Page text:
Birds are currently classified by scientists as a subgroup of theropod dinosaurs. So yes, birds are dinosaurs! There used to be a more rigorous debate among evolutionary biologists about whether or not birds are dinosaurs – but now it’s mostly an accepted consensus.
Birds belong to a group of dinosaurs that emerged during the Mesozoic Era, about 252 to 66 million years ago. The Mesozoic includes the Jurassic, Triassic, and Cretaceous periods. Technically, birds are “avian dinosaurs,” whereas a velociraptor or a sauropod is a non-avian dinosaur.
While larger dinosaurs still roamed the earth, there were little guys like the Microraptor which had long, vaned feathers on their arms and legs to create little wings. Microraptor, Archaeopteryx, and other small, feathered, semi-flighted dinosaurs formed the missing link between “traditional” theropod dinosaurs like velociraptors and modern-day birds.
There’s a bit of a misconception that there basically were only two stages of bird development: a feathery Jurrasic Park lookalike, and a modern bird like a tiny sparrow. For a long time, that’s because there was only one real fossil that pointed to a middle ground: Archaeopteryx, which was pretty darn bird-like. But how did it get so bird-like so fast?
But in recent years, scientists have discovered more and more evidence of gradual changes that led to birdlike dinosaurs, and eventually birds (which, remember are dinosaurs). This means that we don’t have to rely on the idea of a successful genetic freak leading to all birds today.
In the 1990s, researchers in China started unearthing fossil after fossil of feathered, fuzzy dinosaurs that lacked wings. Avian feathers evolved over time, starting with primitive fuzz and eventually leading to the quilled feathers necessary for flight.
Small, feathered dinosaurs that could glide, climb, and hide from the big dinosaurs exploded in diversity (much like the small burrowing mammals did). Over time, these early bird ancestors probably started gliding from tree to tree, and eventually started flying.
In fact, the modern-day hoatzin bird of the Amazon is still pretty dinosaur-like. The chicks of this species of bird still have claws on their wings! Genetic research in 2015 suggested that the hoatzin is the last member of a group of birds that separated from other dinosaurs and birds 64 million years ago.
Being small was key for the success of early birds – there’s just more space for diversity if you’re tiny! You can read all about how birds arose from dinosaurs (and an in-depth analysis of all the evidence) in this great article from UC Berkley on the subject.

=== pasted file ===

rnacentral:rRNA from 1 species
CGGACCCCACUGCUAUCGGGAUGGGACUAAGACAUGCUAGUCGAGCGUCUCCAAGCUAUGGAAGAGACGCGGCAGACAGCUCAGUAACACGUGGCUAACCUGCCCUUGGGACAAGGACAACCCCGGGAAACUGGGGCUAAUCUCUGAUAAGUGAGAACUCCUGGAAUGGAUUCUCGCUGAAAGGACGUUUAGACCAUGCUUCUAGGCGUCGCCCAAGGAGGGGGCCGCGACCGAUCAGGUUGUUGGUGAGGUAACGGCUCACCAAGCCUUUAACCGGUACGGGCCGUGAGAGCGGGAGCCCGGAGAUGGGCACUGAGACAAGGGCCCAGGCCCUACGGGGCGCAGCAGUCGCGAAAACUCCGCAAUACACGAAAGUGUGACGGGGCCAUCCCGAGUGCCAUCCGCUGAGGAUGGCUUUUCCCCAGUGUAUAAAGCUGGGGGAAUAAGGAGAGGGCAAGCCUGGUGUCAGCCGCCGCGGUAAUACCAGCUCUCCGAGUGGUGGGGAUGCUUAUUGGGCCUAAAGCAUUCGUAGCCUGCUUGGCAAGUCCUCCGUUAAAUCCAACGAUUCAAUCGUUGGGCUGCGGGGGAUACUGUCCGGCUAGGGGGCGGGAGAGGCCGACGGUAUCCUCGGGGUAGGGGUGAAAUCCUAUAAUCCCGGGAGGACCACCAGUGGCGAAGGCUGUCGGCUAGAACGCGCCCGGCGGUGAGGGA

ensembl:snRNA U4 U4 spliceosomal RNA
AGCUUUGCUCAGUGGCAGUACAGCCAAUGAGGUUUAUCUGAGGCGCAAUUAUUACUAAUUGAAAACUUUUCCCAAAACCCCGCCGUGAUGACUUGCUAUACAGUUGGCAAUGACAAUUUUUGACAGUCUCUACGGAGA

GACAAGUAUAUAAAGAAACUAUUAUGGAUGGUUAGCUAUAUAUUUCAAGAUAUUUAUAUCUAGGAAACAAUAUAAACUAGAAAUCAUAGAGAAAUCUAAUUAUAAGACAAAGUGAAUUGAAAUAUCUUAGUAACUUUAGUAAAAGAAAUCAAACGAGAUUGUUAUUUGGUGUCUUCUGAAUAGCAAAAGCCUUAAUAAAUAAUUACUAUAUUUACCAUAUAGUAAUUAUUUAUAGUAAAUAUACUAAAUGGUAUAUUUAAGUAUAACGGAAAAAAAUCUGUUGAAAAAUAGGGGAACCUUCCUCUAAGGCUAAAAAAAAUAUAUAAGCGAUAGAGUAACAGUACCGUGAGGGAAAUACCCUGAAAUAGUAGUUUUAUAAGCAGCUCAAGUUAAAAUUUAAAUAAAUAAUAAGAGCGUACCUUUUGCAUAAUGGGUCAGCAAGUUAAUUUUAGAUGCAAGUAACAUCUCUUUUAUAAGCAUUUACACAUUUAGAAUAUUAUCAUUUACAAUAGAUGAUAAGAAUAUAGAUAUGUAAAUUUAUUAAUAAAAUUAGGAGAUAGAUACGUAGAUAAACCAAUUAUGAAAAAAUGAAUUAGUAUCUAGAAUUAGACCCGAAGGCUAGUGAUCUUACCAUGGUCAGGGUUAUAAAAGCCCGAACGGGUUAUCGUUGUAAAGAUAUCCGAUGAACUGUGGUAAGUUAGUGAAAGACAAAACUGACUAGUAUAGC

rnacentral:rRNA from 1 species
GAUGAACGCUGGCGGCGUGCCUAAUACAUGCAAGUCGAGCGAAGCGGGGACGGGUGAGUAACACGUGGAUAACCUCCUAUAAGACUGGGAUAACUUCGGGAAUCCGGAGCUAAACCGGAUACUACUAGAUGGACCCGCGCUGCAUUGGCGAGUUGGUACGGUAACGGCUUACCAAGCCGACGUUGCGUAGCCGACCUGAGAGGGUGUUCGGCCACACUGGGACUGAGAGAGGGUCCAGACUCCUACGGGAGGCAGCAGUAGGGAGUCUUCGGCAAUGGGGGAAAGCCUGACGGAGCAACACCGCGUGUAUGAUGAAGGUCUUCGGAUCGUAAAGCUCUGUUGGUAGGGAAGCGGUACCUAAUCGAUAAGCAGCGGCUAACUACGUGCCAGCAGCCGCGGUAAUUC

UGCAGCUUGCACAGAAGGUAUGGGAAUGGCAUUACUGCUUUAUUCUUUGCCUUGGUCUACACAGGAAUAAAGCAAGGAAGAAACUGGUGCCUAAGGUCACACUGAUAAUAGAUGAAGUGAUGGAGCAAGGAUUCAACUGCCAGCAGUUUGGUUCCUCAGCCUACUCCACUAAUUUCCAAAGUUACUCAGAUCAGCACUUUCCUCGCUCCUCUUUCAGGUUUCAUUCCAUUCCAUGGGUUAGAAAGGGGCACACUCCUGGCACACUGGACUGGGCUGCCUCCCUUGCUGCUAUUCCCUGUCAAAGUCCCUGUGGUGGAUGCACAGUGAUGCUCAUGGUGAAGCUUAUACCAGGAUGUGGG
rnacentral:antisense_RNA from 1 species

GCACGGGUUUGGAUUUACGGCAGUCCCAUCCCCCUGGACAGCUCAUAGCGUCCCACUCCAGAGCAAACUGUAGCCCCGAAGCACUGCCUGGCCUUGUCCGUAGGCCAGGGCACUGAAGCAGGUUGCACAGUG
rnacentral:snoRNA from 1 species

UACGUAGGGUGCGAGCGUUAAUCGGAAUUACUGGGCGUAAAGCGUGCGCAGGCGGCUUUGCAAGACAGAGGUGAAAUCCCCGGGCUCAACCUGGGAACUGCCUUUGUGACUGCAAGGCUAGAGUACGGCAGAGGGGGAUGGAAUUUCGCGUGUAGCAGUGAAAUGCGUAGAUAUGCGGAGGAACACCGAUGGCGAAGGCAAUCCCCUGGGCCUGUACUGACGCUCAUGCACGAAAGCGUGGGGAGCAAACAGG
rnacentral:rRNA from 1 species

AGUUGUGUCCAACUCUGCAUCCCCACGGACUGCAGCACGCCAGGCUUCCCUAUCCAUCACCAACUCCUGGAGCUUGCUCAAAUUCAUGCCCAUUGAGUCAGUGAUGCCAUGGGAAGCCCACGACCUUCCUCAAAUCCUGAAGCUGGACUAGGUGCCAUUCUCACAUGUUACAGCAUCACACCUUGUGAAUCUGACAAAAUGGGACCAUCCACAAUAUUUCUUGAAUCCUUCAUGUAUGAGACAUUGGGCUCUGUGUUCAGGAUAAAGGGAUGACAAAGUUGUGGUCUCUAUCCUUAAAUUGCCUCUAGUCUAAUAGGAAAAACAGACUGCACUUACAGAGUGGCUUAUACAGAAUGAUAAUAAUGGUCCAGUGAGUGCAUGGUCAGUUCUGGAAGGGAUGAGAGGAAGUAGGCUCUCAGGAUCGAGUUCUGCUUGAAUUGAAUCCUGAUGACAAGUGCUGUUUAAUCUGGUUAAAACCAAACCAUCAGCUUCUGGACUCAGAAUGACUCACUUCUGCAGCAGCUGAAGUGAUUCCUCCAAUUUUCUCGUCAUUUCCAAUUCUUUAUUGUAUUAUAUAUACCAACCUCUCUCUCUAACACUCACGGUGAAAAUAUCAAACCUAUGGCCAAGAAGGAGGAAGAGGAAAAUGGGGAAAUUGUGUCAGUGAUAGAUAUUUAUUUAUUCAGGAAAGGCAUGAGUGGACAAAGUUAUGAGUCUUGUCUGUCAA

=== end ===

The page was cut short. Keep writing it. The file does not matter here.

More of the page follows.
That said, there are some scientists who fall into the “Birds Are Not Dinosaurs” (BAND) camp. Most of the arguments saying that birds can’t be dinosaurs falls based on differences in lung morphology (which doesn’t fossilize, so it’s impossible to prove or disprove), ankle bones, and finger bones. The “controversy” over whether or not birds are dinosaurs is much more popular in the media than in the scientific community.
Theropods are two-legged dinosaurs (think T. Rex) – but theropods also include chickens and pigeons and Peregrine falcons!
Theropods are generally two-legged. They have hollow bones and three-toed limbs. Modern and ancient theropods have wide varieties in diet and behavior. Some theropods might have been capable of swimming, based on fossil evidence of just the tips of claws scraping a river floor in China. Those tracks were well-coordinated, suggesting the theropod was a decent swimmer.
Some theropods, like the T. Rex, had very small forelimbs. Others had well-developed forelimbs (think Blue in Jurassic World). And, of course, birds have well-developed forelimbs!
That depends! In the Linnaean taxonomic system, a reptile is defined as cold-blooded and scaled. That’s not a bird!
But in modern biology, many biologists classify animals by phylogeny – by their common ancestors. By this system, birds are reptiles. Their closest relative is actually a crocodile!
Like mammals, birds probably survived the Cretaceous extinction largely thanks to their small size. Smaller birds could take cover from the chaos that ensued when an asteroid strike paired with volcanic eruptions to kill the dinosaurs.
Birds also can eat a wide variety of things – and many of those things also survived the extinction! Even if a big predator did survive the initial stages of the Cretaceous extinction, it became increasingly hard to find large prey animals to eat. Likewise, large vegetarians needed large amounts of foliage to eat.
Finally, small animals have shorter reproductive cycles. This means that they’re able to replenish a bit more quickly. And, with more offspring being born more often, survival of the fittest is able to work more quickly to help some survive. Basically, if a bird hatches 6 chicks per year whereas a large sauropod only raises a few offspring per lifetime, there’s a better chance of some of the bird’s offspring surviving and passing along those successful genes. It’s just math!